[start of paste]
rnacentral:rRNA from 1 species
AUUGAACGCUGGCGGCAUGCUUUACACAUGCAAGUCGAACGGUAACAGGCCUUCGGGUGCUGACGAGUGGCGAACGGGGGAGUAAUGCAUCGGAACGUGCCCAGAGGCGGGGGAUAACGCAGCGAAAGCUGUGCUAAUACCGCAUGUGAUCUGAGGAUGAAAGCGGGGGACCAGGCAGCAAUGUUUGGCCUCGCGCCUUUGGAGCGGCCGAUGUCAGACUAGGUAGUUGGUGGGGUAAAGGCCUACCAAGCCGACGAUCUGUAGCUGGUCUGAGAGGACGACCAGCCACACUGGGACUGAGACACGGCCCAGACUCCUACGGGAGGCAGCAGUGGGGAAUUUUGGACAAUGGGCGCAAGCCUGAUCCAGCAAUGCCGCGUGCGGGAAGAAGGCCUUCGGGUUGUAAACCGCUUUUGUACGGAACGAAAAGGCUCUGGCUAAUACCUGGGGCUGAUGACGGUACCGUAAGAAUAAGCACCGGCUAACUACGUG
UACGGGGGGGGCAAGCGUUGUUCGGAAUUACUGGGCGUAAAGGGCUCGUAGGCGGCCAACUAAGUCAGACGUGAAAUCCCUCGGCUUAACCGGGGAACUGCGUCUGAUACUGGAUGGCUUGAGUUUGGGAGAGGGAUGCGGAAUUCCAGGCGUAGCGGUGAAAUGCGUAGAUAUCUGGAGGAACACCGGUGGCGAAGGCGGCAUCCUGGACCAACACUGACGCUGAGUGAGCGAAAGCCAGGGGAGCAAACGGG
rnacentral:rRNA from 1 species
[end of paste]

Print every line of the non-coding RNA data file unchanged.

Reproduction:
rnacentral:rRNA from 1 species
AUUGAACGCUGGCGGCAUGCUUUACACAUGCAAGUCGAACGGUAACAGGCCUUCGGGUGCUGACGAGUGGCGAACGGGGGAGUAAUGCAUCGGAACGUGCCCAGAGGCGGGGGAUAACGCAGCGAAAGCUGUGCUAAUACCGCAUGUGAUCUGAGGAUGAAAGCGGGGGACCAGGCAGCAAUGUUUGGCCUCGCGCCUUUGGAGCGGCCGAUGUCAGACUAGGUAGUUGGUGGGGUAAAGGCCUACCAAGCCGACGAUCUGUAGCUGGUCUGAGAGGACGACCAGCCACACUGGGACUGAGACACGGCCCAGACUCCUACGGGAGGCAGCAGUGGGGAAUUUUGGACAAUGGGCGCAAGCCUGAUCCAGCAAUGCCGCGUGCGGGAAGAAGGCCUUCGGGUUGUAAACCGCUUUUGUACGGAACGAAAAGGCUCUGGCUAAUACCUGGGGCUGAUGACGGUACCGUAAGAAUAAGCACCGGCUAACUACGUG
UACGGGGGGGGCAAGCGUUGUUCGGAAUUACUGGGCGUAAAGGGCUCGUAGGCGGCCAACUAAGUCAGACGUGAAAUCCCUCGGCUUAACCGGGGAACUGCGUCUGAUACUGGAUGGCUUGAGUUUGGGAGAGGGAUGCGGAAUUCCAGGCGUAGCGGUGAAAUGCGUAGAUAUCUGGAGGAACACCGGUGGCGAAGGCGGCAUCCUGGACCAACACUGACGCUGAGUGAGCGAAAGCCAGGGGAGCAAACGGG
rnacentral:rRNA from 1 species